Also on the panel were People’s Bank of China Deputy Governor YI Gang, and Asia-Pacific Department Senior Adviser Nigel Chalk. Anoop Singh, the director of the Asia-Pacific Department introduced the panel and summed up, while Jeremy Marks from the External Relations Department moderated.
The proceedings highlighted the larger aspects of China’s development strategy (which is much more extensive and complicated than just the exchange rate regime), as well as the familiar concerns with the value of the Chinese yuan.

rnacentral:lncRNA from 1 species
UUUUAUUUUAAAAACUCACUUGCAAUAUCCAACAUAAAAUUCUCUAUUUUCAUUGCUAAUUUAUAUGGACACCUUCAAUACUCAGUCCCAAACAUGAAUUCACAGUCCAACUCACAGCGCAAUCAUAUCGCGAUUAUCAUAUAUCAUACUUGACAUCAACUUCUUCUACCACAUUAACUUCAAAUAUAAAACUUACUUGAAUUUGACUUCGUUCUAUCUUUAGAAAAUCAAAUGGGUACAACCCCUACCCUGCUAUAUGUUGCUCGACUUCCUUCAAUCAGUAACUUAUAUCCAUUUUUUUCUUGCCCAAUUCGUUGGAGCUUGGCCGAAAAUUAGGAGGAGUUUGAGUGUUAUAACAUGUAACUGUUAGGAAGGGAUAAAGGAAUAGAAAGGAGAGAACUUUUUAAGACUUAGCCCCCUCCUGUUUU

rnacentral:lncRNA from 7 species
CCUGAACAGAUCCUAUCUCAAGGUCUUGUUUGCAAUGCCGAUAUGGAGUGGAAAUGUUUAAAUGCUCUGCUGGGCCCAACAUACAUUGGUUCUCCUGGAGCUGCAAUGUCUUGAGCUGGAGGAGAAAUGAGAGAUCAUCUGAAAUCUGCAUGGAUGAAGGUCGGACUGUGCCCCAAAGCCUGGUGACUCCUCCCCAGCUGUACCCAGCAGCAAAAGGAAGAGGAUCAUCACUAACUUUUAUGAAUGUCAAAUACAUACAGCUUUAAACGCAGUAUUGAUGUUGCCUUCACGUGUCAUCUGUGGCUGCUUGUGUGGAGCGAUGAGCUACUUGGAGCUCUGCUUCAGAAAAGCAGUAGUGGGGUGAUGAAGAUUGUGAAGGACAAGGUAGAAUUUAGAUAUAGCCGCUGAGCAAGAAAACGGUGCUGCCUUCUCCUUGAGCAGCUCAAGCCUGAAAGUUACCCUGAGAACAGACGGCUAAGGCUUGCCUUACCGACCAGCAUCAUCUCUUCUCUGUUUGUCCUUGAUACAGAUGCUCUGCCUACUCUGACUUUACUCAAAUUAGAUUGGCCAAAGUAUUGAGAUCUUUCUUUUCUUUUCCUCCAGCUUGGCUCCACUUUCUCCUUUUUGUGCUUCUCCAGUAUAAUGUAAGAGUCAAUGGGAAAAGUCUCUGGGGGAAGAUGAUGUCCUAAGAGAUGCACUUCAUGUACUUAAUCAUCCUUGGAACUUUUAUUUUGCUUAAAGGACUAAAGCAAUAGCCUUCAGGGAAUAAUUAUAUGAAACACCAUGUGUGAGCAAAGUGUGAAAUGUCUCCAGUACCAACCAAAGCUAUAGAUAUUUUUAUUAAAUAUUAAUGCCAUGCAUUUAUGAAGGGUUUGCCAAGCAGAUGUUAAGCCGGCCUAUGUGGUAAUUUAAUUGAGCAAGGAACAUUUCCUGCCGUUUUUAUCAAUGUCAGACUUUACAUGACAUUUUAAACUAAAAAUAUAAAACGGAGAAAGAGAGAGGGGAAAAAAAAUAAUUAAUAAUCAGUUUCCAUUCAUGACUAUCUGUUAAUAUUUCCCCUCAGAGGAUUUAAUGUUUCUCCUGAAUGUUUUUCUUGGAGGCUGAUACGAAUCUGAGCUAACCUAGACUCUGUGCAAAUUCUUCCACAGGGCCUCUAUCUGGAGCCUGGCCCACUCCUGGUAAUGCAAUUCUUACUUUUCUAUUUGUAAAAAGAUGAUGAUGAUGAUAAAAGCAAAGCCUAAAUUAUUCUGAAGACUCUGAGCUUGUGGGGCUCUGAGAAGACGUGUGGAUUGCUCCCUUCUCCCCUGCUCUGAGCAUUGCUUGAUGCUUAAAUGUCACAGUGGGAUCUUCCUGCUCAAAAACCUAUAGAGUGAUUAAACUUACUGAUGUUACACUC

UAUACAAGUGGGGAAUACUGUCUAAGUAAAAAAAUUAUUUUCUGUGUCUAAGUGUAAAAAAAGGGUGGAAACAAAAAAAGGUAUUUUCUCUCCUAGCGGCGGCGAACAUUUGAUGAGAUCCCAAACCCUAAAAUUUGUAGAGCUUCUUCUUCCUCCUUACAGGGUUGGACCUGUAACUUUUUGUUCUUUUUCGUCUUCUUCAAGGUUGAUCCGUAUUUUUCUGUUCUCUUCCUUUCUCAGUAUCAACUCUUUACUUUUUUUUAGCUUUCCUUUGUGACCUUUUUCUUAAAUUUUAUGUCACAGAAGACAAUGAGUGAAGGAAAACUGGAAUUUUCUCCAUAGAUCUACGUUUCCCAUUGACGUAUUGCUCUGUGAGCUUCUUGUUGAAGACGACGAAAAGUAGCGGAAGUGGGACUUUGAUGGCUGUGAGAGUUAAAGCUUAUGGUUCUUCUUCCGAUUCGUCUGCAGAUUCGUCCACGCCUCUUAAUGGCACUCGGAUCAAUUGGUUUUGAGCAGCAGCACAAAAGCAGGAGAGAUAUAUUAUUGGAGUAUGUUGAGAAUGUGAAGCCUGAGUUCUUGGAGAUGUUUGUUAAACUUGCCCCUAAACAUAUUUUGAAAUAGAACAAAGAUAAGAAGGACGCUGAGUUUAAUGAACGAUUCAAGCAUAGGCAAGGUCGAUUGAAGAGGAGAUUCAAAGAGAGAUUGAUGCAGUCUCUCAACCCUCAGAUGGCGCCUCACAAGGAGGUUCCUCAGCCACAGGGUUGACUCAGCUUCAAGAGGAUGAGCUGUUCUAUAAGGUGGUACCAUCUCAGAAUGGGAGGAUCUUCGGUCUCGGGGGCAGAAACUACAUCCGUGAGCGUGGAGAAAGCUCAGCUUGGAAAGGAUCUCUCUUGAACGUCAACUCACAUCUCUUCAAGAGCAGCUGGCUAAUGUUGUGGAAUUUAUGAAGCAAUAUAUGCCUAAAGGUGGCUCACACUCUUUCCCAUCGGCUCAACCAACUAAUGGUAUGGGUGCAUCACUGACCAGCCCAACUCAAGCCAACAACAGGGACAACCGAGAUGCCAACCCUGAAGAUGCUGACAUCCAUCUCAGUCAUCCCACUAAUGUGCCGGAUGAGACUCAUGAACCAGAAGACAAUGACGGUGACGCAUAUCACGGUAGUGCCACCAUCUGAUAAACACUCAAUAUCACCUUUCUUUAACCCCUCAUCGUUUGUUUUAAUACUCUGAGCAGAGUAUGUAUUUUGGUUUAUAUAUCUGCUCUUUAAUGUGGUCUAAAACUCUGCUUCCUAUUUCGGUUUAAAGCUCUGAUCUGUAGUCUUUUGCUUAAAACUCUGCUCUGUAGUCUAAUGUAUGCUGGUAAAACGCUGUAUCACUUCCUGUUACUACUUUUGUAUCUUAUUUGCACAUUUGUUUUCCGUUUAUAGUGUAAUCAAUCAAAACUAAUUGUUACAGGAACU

My presentation is here. I emphasized the fact that, while there were many facets to a successful strategy to adjusting to a world of slower growth, exchange rate adjustment was one important measure that could be implemented more rapidly than other — perhaps more important — policies. One key graph is here:
Figure 1: Chinese yuan (black), and other East Asian currencies against the USD, all normalized to 2005M06=1. “Down” is defined as appreciation. Source: IMF, International Financial Statistics, St. Louis Fed FRED II, and author’s calculations.
Among many other items, Deputy Governor Yi noted a commitment to stabilizing and shrinking the current account balance as a share of GDP over time.